Lane J. did not explicitly reject the approach taken in Shercom, instead distinguishing it on the basis that a number of aggravating factors therein were not present in the case before him. He took judicial notice that the defendant was the largest employer in the Big River community and that its business had been damaged by the ongoing softwood trade dispute with the United States. He accepted financial evidence filed on consent that established the precarious financial health of the defendant, finding that, although, the primary function of the Court in a sentencing like this is to provide specific and general deterrence, this case before him was unique in that it had the potential to collapse the entire economy in the community. In the result, he imposed a $62,500 fine exclusive of the surcharge.
In its appeal to the Court of Queen’s Bench, the Crown relied on Shercom supporting its submission that the 2014 amended maximums were a signal from the legislature that higher penalties were required. Meschishnick J. rejected this submission. Although increased maximums are certainly a factor to consider when crafting a fit sentence, he found at paragraphs 35 and 36:
When, in a legislative amendment, the minimum sentence is not changed or a range provided but the maximum fine is increased the better conclusion to be drawn is that there was a need to ensure that fines for the largest corporations that are the worst offenders could be large enough to ensure that the fine would not be simply a cost of doing business.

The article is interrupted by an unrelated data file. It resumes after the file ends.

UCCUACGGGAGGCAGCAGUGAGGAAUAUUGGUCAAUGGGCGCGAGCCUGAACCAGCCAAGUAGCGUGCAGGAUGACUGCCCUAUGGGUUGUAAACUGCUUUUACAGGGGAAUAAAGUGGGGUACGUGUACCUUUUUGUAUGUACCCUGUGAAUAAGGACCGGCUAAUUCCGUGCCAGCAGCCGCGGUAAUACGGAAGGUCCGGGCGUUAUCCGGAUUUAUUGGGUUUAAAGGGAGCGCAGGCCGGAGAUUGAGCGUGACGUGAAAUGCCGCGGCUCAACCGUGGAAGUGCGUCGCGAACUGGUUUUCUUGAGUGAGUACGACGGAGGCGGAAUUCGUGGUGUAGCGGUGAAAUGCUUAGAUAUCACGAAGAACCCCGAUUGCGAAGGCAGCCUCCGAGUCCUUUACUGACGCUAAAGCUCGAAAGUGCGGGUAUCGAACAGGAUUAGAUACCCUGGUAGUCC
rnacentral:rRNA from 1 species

It does not follow that all sentences for infractions after the amendment are to increase which in turn means that sentences for infractions prior to the amendment can be considered on the questions of parity and fitness.
Carrier, as described by Lane. J., is a unique case. But its uniqueness is fact based. Importantly, Meschishnick J. did not restrict or tie the foregoing finding to its facts.
There are two other noteworthy aspects to Carrier. First, the Court of Appeal for Ontario (R. v. Dofasco Inc., 2007 ONCA 769 (CanLII)) has held that employers are strictly liable for employee injury and death arising from the employee’s carelessness. But there is little guidance as to the relevance of employee carelessness in sentencing the employer. In his reasons, Lane J. distinguished Shercom and other cases finding that the defendant’s culpability was at a lower level because Mr. Jonasson’s actions were contrary to his training and company procedures and a contributing factor to the accident. Meschishnick J. did not interfere with this finding, concluding that there was ample evidence to support it.
Second, there is nothing new in the courts considering the size and financial health of corporate defendants when crafting an appropriate disposition. But, in the absence of statutory minimum fines, this case stands out as a rare, strong judicial statement pushing back against substantial maximum fines, which if imposed, may do more public harm than good. In that sense it exhibits some the very concerns that are driving the ongoing SNC-Lavalin debate and caused the Quebec Court of Appeal to recently find that corporations may have recourse against substantial minimums fines on the basis of s.12 of the Charter of Rights and Freedoms (9147-0732 Quebec Inc. c. Directeur des poursuites criminelles et penals, 2019 QCCA 373 (CanLII)).
Carrier is not binding outside of Saskatchewan but is certainly of persuasive authority.